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U3A Writing: Village Shopping

...If my mother could manage it she would give me a penny to spend here. and what a rare treat it was! I always bought a pennyworth of Monkey nuts wrapped in a screw of newspaper, quite the best value in the shop, I thought, although one could buy an orange or a banana for the same price....

Doreen Bryant remembers village shopping expiditions of almost 75 years ago.

Shopping in Caldicot between the Wars was vastly different from what it is today but, of course, that could be said of everywhere. There are a great many more people and shops here now, but let us take a walk through Caldicot to see what was available in those far-off days.

My mother usually shopped on Saturday afternoons; I walked with her from Dewstow to Caldicot, then through the Village and returning home via Sandy Lane and across Mr Watts' and Mr Oakley's fields over which there were public footpaths.

Starting at the West End, the first shop was on the right-hand side of the road at the bottom of Pool Hill (there really was a pool there then) and was Livesey's the Greengrocers. If my mother could manage it she would give me a penny to spend here. and what a rare treat it was! I always bought a pennyworth of Monkey nuts wrapped in a screw of newspaper ~ quite the best value in the shop, I thought, although one could buy an orange or a banana for the same price.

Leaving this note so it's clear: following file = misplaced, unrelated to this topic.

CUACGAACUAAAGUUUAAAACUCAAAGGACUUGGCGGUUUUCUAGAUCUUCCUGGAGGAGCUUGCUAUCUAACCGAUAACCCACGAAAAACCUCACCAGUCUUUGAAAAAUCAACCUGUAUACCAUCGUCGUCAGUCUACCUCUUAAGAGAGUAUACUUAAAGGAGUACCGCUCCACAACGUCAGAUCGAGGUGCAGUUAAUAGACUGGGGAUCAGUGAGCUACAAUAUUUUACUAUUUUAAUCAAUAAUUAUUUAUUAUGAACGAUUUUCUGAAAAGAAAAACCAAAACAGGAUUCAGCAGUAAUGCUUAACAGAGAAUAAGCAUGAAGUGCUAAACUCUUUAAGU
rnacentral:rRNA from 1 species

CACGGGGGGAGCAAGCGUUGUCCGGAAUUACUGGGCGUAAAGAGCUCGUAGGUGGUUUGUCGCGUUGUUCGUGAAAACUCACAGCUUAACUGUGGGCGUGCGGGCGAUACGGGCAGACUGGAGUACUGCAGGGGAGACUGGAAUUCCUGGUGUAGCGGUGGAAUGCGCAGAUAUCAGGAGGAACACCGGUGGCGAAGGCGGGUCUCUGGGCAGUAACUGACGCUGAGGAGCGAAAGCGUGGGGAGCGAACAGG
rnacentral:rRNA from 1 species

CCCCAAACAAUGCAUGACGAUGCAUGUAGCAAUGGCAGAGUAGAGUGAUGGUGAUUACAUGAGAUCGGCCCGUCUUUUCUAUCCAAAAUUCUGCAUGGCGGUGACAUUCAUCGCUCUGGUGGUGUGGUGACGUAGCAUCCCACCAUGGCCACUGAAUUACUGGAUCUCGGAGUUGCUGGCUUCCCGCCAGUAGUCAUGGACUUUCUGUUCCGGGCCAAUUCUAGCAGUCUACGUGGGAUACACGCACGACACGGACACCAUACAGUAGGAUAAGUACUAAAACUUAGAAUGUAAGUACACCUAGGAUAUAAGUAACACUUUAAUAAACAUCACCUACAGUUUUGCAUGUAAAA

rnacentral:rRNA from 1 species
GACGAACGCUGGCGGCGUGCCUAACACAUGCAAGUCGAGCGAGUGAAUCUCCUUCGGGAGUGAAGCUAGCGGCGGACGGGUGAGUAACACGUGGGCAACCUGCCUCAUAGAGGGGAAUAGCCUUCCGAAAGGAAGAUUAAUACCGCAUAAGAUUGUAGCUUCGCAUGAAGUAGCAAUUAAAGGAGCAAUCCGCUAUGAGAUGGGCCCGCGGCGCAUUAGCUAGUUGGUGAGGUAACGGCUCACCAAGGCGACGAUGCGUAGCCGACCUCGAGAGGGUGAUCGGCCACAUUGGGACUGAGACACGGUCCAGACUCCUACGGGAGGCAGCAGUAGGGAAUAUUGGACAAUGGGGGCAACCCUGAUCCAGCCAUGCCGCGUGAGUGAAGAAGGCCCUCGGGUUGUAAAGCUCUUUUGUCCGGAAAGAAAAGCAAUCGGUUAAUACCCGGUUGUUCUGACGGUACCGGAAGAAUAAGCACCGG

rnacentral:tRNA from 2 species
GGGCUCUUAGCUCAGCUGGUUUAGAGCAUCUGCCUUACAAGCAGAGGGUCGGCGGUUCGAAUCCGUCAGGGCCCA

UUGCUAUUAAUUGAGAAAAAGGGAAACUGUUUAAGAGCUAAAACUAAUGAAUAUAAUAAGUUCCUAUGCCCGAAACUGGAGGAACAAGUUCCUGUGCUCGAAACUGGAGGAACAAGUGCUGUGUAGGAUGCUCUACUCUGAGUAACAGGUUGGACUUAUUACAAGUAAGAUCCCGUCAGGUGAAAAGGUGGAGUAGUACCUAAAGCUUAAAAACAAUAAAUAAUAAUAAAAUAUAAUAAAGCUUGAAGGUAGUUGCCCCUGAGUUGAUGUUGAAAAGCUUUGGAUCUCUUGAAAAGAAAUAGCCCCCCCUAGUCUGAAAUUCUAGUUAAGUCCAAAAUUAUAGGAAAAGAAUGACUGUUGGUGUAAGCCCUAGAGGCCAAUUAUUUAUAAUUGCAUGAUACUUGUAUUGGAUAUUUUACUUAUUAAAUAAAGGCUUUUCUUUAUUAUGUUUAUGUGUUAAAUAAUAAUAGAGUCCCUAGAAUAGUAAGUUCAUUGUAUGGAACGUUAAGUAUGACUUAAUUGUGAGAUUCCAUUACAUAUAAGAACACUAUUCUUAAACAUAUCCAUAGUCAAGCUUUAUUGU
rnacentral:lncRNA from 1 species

At the top of the hill on the same side was Skewes' little shop. Mrs Skewes sold a limited range of provisions, sweets and cigarettes. My mother forbade us children to go into this shop, as she had quarrelled with Mrs Skewes some time previously, though I never knew what about. (My mother was very quick-tempered and outspoken, and the slightest remark which seemed to her to slur our family would cause her to be most aggressive.)

Behind Skewes was George Lewis, the Butcher; access to his small wooden premises was from The Avenue - then considered quite the smartest road in Caldicot. Mr Lewis later moved his business to the shop in Chepstow Road where BLD now have their premises.

Opposite Lewis were the petrol pumps and taxi service of Mr Williams. He had lost an arm in an accident, and everyone called him 'Wingy' - more out of affection than disrespect, I believe. And at the top of Station Road was Melrose Stores, which catered for all the local residents' grocery needs, and was a branch of Adams' shop in Chepstow Road.